Science communication is a hot topic in the media. The accuracy of weather forecasts, in particular long-range projections, is often found to come under fire. In forecasting there is no single future eventuality we can be certain will occur. There are always uncertainties associated with the observations and models used to make predictions. Nowadays ensemble based methods are widely used to help explore the effects of these uncertainties on the forecast. An ensemble of many forecasts is run which all start from slightly different initial conditions. The starting points are carefully chosen so that the evolutions of the forecasts represent the range of possible outcomes. All the forecasts are then used to calculate probabilities of certain weather events occurring.
Verifying a probabilistic forecast is no easy task. Each forecasted event has a yes or no outcome, so can we say an 85% chance was a skilful prediction if the event occurs? To come up with a meaningful measure we look at the performance of the model over many forecasts. If the event occurs on average 85% of the time that the forecasted chance was 85% we can deem the forecast to be reliable. This will of course mean there are at times ‘false alarms’, when the forecast predicted a high chance of occurrence but the event does not happen in reality.
A well known example of communicating uncertainty in scientific understanding is the IPCC’s ‘likelihood’ scale, with each likelihood category based on a percentage threshold. Ideas of this kind go back many years, a Monthly Weather Review article by W. E. Cooke in 1906 proposed a 5 point scale for describing forecast uncertainty. Of course a system of this kind is far from perfect and individual interpretations of a given phrase will be wide ranging. An interesting review on the history of probability forecasts can be found here.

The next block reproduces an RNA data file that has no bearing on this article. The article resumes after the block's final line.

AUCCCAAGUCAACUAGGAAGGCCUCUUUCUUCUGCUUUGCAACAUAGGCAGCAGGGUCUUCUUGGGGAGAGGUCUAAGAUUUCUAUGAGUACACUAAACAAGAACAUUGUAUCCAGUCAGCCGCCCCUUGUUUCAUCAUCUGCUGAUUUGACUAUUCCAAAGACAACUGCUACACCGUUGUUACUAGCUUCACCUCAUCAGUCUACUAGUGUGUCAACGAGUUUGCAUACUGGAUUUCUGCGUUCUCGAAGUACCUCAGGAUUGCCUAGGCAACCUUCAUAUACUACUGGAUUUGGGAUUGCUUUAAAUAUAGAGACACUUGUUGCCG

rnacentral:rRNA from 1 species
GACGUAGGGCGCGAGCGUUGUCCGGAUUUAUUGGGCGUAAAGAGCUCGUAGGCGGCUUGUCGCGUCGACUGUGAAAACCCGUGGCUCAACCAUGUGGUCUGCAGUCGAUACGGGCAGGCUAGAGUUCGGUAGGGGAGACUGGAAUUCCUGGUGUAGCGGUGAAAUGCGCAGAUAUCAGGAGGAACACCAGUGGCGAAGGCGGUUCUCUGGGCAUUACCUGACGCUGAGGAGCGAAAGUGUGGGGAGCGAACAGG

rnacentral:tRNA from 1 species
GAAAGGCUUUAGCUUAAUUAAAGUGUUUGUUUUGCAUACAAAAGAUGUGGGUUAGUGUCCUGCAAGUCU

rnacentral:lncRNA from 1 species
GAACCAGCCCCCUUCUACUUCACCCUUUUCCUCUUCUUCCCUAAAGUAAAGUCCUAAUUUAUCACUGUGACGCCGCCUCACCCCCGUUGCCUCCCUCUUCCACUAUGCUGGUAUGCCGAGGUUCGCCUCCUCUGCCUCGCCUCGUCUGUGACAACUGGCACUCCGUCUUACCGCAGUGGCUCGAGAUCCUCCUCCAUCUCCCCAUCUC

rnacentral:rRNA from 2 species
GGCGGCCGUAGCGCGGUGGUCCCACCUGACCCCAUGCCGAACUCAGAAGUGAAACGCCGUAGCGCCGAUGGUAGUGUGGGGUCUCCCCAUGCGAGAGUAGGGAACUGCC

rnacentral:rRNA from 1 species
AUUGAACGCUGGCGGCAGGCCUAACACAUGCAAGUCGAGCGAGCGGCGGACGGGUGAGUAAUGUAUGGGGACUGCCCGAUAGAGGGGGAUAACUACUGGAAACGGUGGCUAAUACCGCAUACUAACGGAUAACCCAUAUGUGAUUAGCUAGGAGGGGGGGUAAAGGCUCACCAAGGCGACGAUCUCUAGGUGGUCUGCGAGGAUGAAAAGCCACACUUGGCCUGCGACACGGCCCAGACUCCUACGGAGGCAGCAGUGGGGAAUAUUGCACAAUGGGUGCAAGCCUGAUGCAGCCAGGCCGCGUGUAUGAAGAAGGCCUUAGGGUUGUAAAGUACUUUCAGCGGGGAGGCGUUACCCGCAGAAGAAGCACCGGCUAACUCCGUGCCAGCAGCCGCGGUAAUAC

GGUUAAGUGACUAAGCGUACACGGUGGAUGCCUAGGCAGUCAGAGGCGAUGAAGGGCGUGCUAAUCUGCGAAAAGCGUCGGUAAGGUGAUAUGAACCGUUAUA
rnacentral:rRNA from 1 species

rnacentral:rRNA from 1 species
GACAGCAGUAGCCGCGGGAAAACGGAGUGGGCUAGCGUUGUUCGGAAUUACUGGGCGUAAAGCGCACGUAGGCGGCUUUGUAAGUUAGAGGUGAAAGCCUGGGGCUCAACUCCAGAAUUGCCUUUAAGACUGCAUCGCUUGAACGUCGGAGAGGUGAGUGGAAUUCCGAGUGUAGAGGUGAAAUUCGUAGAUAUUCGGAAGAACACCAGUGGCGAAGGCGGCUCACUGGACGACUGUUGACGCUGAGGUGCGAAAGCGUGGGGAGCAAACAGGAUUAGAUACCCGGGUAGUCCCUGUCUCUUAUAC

The World Meteorological Organisation (WMO) says that ‘communicating the uncertainty of the forecast is vital to users. It allows them to make better decisions that are attuned to the reliability of the forecast. It also helps to manage the expectations of users for accurate forecasts.’
Aside from communication aspects, the WMO also make clear that verification is an integral part of the forecast process. If we have any hope of providing clear and useful information to the public we need to understand the models we use and how reliable they are at making the predictions we seek. Increasing media coverage and public interest has highlighted the need for us all to give lucid explanations, whether it be describing the coming weekend’s weather to your parents or discussing future climate change with policy makers. Why don’t you take Andrew’s survey on the communication of seasonal forecasts and have your say?
‘If a man will begin with certainties he shall end in doubts; but if he will be content to begin with doubts he shall end in certainties.’ Francis Bacon